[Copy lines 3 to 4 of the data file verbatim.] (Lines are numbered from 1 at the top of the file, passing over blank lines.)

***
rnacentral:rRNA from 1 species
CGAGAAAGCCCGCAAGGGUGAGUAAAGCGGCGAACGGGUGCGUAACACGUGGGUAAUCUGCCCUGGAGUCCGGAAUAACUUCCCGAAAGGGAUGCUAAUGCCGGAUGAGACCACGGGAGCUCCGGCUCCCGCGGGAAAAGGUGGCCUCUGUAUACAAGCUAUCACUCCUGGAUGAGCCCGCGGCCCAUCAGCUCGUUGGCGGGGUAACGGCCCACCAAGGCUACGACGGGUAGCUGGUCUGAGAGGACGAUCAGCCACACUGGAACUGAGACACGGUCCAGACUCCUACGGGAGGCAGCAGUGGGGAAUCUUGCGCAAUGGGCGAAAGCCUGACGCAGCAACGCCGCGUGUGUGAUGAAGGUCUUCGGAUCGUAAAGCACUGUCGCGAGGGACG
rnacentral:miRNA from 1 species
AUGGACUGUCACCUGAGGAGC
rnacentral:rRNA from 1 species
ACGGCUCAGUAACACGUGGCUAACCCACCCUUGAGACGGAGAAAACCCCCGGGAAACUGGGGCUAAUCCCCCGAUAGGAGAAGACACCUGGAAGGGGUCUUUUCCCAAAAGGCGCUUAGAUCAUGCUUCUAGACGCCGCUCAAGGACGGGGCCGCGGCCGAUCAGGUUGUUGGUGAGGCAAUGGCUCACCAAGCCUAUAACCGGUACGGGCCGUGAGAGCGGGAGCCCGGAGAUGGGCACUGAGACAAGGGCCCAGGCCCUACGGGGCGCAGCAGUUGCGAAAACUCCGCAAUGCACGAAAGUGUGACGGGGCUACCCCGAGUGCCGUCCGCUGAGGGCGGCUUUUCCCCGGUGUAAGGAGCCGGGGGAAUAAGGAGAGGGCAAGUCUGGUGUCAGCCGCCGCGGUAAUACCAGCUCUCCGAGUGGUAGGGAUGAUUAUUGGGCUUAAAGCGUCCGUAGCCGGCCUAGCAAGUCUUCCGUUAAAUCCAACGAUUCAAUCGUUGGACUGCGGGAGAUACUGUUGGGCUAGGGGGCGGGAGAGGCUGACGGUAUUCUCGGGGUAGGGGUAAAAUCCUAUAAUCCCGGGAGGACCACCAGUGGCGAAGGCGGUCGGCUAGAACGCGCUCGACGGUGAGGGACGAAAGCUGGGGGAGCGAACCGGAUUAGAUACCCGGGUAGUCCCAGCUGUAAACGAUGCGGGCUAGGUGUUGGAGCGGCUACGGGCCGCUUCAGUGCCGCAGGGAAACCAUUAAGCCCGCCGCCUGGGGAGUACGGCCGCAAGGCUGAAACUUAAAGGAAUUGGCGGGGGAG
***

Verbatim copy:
rnacentral:miRNA from 1 species
AUGGACUGUCACCUGAGGAGC